Tuesday, September 21, 2010

We've moved!

Our new blog (featuring media from Faith Alive presentations!) is:


Hope to see you there!

May the Lord bless you.

Thursday, December 10, 2009

Become a Future Citizen

When we submit to Jesus’ authority through his word, he does to our “inner person,” what his earthly ministry did to sickness, storms, and demonic possessions.

The Sermon on the Mount ends with the crowds “amazed at his teaching” because he had authority. This authority was not just that he spoke louder voice, but that he spoke as the King into the hearts and lives of all people.

Then, in the next chapters, he proves this authority:

· He heals a leper who says to him, “if you are willing…”

· He heals the centurion’s servant with a word, marveling at how the centurion recognizes his authority

· He rebukes the wind and waves, leaving the disciples astounded, “who is this man that even the wind and waves obey him?”

What is the common denominator to his authority? In every case, Jesus offers a glimpse of the New Creation. The healed sick are roadway signs of what is coming down the road in the future when there will "be no more sickness". The calmed sea gives a foretaste of a sea of glass before the throne. And what is happening in nature – the turning a chaotic storm to glassy serenity—and sickness—the turning writhing pain to humble rejoicing—is also happening whenever disciples submit to the authority of his word in the Sermon on the Mount and obey it.

When we obey we are not just following rules and regulations of Jesus. We are becoming a new creation.

And if you have ever seen Christians model the life described in the Sermon on the Mount, you get a glimpse of the wonder that this new creation holds.

by David Niblack

Monday, December 7, 2009

How Can We Help The World's Poor?

“The number of bleeding hearts has soared exponentially over the last decade. Celebrities embraced Africa, while conservatives went from showing disdain for humanitarian aid (“money down a rat hole”) to displaying leadership in the fight against AIDS and malaria. Compassion became contagious and then it became consensus.”

To read more of this NY Times article, click here.

Thursday, December 3, 2009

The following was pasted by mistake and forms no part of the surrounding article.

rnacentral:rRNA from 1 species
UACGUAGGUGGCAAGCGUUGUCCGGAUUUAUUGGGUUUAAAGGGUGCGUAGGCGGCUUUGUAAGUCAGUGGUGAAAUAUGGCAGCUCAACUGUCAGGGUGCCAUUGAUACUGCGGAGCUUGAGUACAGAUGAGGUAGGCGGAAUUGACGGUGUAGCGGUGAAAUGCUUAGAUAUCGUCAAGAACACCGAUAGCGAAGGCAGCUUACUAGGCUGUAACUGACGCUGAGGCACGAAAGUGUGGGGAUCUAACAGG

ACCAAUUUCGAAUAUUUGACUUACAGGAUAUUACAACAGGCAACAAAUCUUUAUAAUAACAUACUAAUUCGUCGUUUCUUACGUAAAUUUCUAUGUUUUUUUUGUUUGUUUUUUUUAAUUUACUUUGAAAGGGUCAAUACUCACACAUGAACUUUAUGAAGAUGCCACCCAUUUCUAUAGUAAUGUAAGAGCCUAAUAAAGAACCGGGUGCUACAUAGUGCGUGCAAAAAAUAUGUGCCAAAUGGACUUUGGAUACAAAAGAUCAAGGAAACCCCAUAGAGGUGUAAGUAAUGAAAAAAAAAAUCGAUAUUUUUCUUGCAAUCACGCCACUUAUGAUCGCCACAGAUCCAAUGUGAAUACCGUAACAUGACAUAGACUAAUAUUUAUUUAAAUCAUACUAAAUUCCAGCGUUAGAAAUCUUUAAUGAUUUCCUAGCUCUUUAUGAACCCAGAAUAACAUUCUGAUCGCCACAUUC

Deerfield History and Civil Rights: A Panel Presentation

The following presentation is happening tonight. Several Trinity students are attending, including the Justice floor. We hope to post reflections soon!

The 1959 Deerfield Integration Case: A Commemoration

Thurs., Dec. 3, 7:15 p.m.

"The efforts to build an open housing development in Deerfield, a development that would make property available to African-Americans, met with massive resistance in a time when fears of integration were high. In this panel discussion and multi-media presentation, residents will share their remembrances of civil rights, the fear of outsiders by community members, faith-based responses to integration, and the progress that Deerfield has made up until the present." (taken from a flyer)

Place: Caruso Middle School Auditorium
1801 Montgomery Road
Deerfield, IL 60015

The event is free and open to the public.

Co-Sponsors: Common Ground Deerfield, Committee on Interfaith Housing in the Northern Suburbs

Here is another link.

Monday, November 30, 2009

Our Neighborhood

*Note zip code 60064 is North Chicago excluding the Navy Base

Why is this the case? Lord, have mercy.

Some other thoughts:

“Ethnic identity and reconciliation with other people are central to being a citizen of the kingdom of God.” –from The Heart of Racial Justice

“If you have any encouragement from being united with Christ, if any comfort from his love, if any fellowship with the Spirit, if any tenderness and compassion, then make my joy complete by being like-minded, having the same love, being one in spirit and purpose. Do nothing out of selfish ambition or vain conceit, but in humility consider others better than yourselves. Each of you should look not only to your own interests, but also to the interests of others.” – Philippians 2:1-4

Union with Christ. All tribes, united with Christ. All nations, united with Christ. All peoples, united with Christ. May the church, both outwardly and inwardly, reflect this fantastic Kingdom diversity.

How does this call affect ministry in our neighborhood? How does the church, instead of following society, reflect the Kingdom in attitude and action? The road forward will be painful...but glorious. It is the call to die to self and live by faith in the Son of God.

"Unity should not be a goal we strive for but a gift we receive when we listen to the same voice of the same Lord." -Dr. Cha quoting someone (sorry, couldn't remember who it was)

Monday, November 23, 2009

It was good for us to have been here

Two weeks ago, I went to a meeting at Trinity’s student center for those interested in participating in a poverty simulation/homeless weekend experience in Chicago. A girl named Ella was organizing this event to give Trinity students a glimpse of what it may feel like to “walk in the shoes” of someone who is homeless. Hopefully the weekend would promote greater awareness of the struggles of the homeless and develop a better understanding of how to minister to someone in that context. As a part of this introductory meeting Ella brought Qualin (pronounced Quail-lynn), a sixty two year old Christian man, who had lived most of his life on the streets.